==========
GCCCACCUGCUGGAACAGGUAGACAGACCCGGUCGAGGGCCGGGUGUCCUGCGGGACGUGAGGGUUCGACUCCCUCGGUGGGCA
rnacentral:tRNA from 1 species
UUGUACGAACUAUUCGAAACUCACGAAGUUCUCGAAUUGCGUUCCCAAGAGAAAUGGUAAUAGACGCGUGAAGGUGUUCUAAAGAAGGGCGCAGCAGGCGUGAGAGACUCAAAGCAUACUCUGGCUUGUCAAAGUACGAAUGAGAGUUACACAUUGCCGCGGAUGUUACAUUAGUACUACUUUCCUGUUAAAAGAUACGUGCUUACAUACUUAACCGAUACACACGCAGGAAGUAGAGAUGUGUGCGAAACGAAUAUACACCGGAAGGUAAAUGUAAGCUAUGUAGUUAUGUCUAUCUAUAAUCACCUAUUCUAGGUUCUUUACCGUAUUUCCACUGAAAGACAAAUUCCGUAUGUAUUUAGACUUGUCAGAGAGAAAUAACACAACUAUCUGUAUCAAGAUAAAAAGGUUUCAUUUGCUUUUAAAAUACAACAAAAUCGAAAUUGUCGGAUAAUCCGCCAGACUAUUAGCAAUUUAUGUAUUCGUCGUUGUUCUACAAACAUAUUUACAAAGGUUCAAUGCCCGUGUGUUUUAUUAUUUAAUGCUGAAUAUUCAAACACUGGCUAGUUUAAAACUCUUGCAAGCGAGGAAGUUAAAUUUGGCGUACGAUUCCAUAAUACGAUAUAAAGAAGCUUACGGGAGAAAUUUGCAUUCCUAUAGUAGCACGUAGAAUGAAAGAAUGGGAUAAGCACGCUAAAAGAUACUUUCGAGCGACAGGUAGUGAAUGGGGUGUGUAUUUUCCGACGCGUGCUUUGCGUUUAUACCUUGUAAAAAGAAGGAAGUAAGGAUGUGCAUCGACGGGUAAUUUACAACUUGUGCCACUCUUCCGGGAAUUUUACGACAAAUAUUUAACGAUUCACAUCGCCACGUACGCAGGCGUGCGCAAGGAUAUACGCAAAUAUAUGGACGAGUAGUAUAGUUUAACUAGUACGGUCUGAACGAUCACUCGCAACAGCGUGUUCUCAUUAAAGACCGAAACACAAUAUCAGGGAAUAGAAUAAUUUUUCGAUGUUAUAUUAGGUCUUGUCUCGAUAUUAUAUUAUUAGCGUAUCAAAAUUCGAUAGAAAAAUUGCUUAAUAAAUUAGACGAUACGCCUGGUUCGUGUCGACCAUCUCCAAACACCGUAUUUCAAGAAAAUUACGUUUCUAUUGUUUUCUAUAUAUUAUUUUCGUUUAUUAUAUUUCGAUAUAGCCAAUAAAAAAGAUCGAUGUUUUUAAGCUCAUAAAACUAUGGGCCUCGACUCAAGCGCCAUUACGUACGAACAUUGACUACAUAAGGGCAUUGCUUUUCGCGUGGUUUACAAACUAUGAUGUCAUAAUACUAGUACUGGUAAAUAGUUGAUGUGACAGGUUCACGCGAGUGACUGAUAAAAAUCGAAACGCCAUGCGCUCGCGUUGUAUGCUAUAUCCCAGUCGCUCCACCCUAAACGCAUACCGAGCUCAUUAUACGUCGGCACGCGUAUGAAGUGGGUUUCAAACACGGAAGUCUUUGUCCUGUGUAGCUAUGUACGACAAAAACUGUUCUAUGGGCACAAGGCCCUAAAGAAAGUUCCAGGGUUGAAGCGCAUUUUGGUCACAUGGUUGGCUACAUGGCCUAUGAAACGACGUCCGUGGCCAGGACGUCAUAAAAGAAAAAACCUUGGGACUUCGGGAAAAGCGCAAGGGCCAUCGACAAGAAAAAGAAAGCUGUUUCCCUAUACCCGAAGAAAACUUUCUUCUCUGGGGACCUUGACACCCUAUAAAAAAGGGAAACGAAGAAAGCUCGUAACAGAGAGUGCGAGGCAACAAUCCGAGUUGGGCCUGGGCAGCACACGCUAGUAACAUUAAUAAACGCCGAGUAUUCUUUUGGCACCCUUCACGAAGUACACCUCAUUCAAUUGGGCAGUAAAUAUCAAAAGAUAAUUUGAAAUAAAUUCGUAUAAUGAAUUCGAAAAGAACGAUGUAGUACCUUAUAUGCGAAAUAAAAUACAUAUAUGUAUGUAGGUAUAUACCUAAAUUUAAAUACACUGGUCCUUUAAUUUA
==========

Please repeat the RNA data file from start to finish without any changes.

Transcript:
GCCCACCUGCUGGAACAGGUAGACAGACCCGGUCGAGGGCCGGGUGUCCUGCGGGACGUGAGGGUUCGACUCCCUCGGUGGGCA
rnacentral:tRNA from 1 species
UUGUACGAACUAUUCGAAACUCACGAAGUUCUCGAAUUGCGUUCCCAAGAGAAAUGGUAAUAGACGCGUGAAGGUGUUCUAAAGAAGGGCGCAGCAGGCGUGAGAGACUCAAAGCAUACUCUGGCUUGUCAAAGUACGAAUGAGAGUUACACAUUGCCGCGGAUGUUACAUUAGUACUACUUUCCUGUUAAAAGAUACGUGCUUACAUACUUAACCGAUACACACGCAGGAAGUAGAGAUGUGUGCGAAACGAAUAUACACCGGAAGGUAAAUGUAAGCUAUGUAGUUAUGUCUAUCUAUAAUCACCUAUUCUAGGUUCUUUACCGUAUUUCCACUGAAAGACAAAUUCCGUAUGUAUUUAGACUUGUCAGAGAGAAAUAACACAACUAUCUGUAUCAAGAUAAAAAGGUUUCAUUUGCUUUUAAAAUACAACAAAAUCGAAAUUGUCGGAUAAUCCGCCAGACUAUUAGCAAUUUAUGUAUUCGUCGUUGUUCUACAAACAUAUUUACAAAGGUUCAAUGCCCGUGUGUUUUAUUAUUUAAUGCUGAAUAUUCAAACACUGGCUAGUUUAAAACUCUUGCAAGCGAGGAAGUUAAAUUUGGCGUACGAUUCCAUAAUACGAUAUAAAGAAGCUUACGGGAGAAAUUUGCAUUCCUAUAGUAGCACGUAGAAUGAAAGAAUGGGAUAAGCACGCUAAAAGAUACUUUCGAGCGACAGGUAGUGAAUGGGGUGUGUAUUUUCCGACGCGUGCUUUGCGUUUAUACCUUGUAAAAAGAAGGAAGUAAGGAUGUGCAUCGACGGGUAAUUUACAACUUGUGCCACUCUUCCGGGAAUUUUACGACAAAUAUUUAACGAUUCACAUCGCCACGUACGCAGGCGUGCGCAAGGAUAUACGCAAAUAUAUGGACGAGUAGUAUAGUUUAACUAGUACGGUCUGAACGAUCACUCGCAACAGCGUGUUCUCAUUAAAGACCGAAACACAAUAUCAGGGAAUAGAAUAAUUUUUCGAUGUUAUAUUAGGUCUUGUCUCGAUAUUAUAUUAUUAGCGUAUCAAAAUUCGAUAGAAAAAUUGCUUAAUAAAUUAGACGAUACGCCUGGUUCGUGUCGACCAUCUCCAAACACCGUAUUUCAAGAAAAUUACGUUUCUAUUGUUUUCUAUAUAUUAUUUUCGUUUAUUAUAUUUCGAUAUAGCCAAUAAAAAAGAUCGAUGUUUUUAAGCUCAUAAAACUAUGGGCCUCGACUCAAGCGCCAUUACGUACGAACAUUGACUACAUAAGGGCAUUGCUUUUCGCGUGGUUUACAAACUAUGAUGUCAUAAUACUAGUACUGGUAAAUAGUUGAUGUGACAGGUUCACGCGAGUGACUGAUAAAAAUCGAAACGCCAUGCGCUCGCGUUGUAUGCUAUAUCCCAGUCGCUCCACCCUAAACGCAUACCGAGCUCAUUAUACGUCGGCACGCGUAUGAAGUGGGUUUCAAACACGGAAGUCUUUGUCCUGUGUAGCUAUGUACGACAAAAACUGUUCUAUGGGCACAAGGCCCUAAAGAAAGUUCCAGGGUUGAAGCGCAUUUUGGUCACAUGGUUGGCUACAUGGCCUAUGAAACGACGUCCGUGGCCAGGACGUCAUAAAAGAAAAAACCUUGGGACUUCGGGAAAAGCGCAAGGGCCAUCGACAAGAAAAAGAAAGCUGUUUCCCUAUACCCGAAGAAAACUUUCUUCUCUGGGGACCUUGACACCCUAUAAAAAAGGGAAACGAAGAAAGCUCGUAACAGAGAGUGCGAGGCAACAAUCCGAGUUGGGCCUGGGCAGCACACGCUAGUAACAUUAAUAAACGCCGAGUAUUCUUUUGGCACCCUUCACGAAGUACACCUCAUUCAAUUGGGCAGUAAAUAUCAAAAGAUAAUUUGAAAUAAAUUCGUAUAAUGAAUUCGAAAAGAACGAUGUAGUACCUUAUAUGCGAAAUAAAAUACAUAUAUGUAUGUAGGUAUAUACCUAAAUUUAAAUACACUGGUCCUUUAAUUUA